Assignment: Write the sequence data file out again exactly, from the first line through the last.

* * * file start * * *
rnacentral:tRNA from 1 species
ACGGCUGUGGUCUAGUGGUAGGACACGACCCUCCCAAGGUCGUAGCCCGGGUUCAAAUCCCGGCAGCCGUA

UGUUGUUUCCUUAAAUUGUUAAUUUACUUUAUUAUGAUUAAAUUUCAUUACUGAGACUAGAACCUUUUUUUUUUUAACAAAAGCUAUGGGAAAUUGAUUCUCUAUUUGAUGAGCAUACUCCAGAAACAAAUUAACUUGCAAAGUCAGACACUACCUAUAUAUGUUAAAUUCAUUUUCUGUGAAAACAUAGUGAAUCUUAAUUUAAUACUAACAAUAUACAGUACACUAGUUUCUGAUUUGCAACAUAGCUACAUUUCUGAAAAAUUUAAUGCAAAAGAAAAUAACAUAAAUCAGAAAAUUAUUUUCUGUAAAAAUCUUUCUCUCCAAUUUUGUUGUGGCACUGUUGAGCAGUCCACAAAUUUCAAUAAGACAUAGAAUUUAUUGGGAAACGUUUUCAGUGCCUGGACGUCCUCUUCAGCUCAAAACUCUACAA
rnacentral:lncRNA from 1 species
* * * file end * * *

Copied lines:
rnacentral:tRNA from 1 species
ACGGCUGUGGUCUAGUGGUAGGACACGACCCUCCCAAGGUCGUAGCCCGGGUUCAAAUCCCGGCAGCCGUA

UGUUGUUUCCUUAAAUUGUUAAUUUACUUUAUUAUGAUUAAAUUUCAUUACUGAGACUAGAACCUUUUUUUUUUUAACAAAAGCUAUGGGAAAUUGAUUCUCUAUUUGAUGAGCAUACUCCAGAAACAAAUUAACUUGCAAAGUCAGACACUACCUAUAUAUGUUAAAUUCAUUUUCUGUGAAAACAUAGUGAAUCUUAAUUUAAUACUAACAAUAUACAGUACACUAGUUUCUGAUUUGCAACAUAGCUACAUUUCUGAAAAAUUUAAUGCAAAAGAAAAUAACAUAAAUCAGAAAAUUAUUUUCUGUAAAAAUCUUUCUCUCCAAUUUUGUUGUGGCACUGUUGAGCAGUCCACAAAUUUCAAUAAGACAUAGAAUUUAUUGGGAAACGUUUUCAGUGCCUGGACGUCCUCUUCAGCUCAAAACUCUACAA
rnacentral:lncRNA from 1 species